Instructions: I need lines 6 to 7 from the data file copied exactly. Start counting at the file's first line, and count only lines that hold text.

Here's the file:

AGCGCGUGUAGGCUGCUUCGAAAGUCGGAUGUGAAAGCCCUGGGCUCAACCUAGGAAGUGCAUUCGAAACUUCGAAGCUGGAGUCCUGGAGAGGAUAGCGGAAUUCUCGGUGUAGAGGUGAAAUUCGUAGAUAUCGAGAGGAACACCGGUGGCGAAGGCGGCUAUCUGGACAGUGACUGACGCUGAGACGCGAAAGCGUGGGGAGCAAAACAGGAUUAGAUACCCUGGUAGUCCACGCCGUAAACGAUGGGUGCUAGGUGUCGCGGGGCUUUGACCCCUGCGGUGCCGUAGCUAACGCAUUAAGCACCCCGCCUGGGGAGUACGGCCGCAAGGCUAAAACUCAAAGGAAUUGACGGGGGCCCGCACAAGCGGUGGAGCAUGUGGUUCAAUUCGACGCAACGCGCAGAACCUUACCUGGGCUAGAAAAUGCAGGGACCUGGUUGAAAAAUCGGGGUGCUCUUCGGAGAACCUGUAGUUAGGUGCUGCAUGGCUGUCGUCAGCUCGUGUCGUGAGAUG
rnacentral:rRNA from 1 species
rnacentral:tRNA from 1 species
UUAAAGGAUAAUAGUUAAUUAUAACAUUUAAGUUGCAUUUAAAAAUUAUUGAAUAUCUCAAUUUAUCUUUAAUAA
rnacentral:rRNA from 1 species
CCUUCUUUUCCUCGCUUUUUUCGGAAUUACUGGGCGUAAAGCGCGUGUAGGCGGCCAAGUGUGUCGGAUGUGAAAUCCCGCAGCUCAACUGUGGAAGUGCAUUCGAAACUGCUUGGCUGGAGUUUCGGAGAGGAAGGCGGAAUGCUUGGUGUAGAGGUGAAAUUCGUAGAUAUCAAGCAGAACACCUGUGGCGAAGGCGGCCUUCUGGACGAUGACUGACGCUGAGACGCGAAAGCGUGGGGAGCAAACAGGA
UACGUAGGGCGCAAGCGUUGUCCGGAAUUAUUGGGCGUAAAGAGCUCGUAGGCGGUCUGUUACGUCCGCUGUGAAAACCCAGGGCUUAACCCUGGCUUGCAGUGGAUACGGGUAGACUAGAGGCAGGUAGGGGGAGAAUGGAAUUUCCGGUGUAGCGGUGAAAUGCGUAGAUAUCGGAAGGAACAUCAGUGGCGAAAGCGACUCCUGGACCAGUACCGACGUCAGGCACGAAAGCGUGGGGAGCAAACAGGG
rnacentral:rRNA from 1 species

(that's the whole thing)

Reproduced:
CCUUCUUUUCCUCGCUUUUUUCGGAAUUACUGGGCGUAAAGCGCGUGUAGGCGGCCAAGUGUGUCGGAUGUGAAAUCCCGCAGCUCAACUGUGGAAGUGCAUUCGAAACUGCUUGGCUGGAGUUUCGGAGAGGAAGGCGGAAUGCUUGGUGUAGAGGUGAAAUUCGUAGAUAUCAAGCAGAACACCUGUGGCGAAGGCGGCCUUCUGGACGAUGACUGACGCUGAGACGCGAAAGCGUGGGGAGCAAACAGGA
UACGUAGGGCGCAAGCGUUGUCCGGAAUUAUUGGGCGUAAAGAGCUCGUAGGCGGUCUGUUACGUCCGCUGUGAAAACCCAGGGCUUAACCCUGGCUUGCAGUGGAUACGGGUAGACUAGAGGCAGGUAGGGGGAGAAUGGAAUUUCCGGUGUAGCGGUGAAAUGCGUAGAUAUCGGAAGGAACAUCAGUGGCGAAAGCGACUCCUGGACCAGUACCGACGUCAGGCACGAAAGCGUGGGGAGCAAACAGGG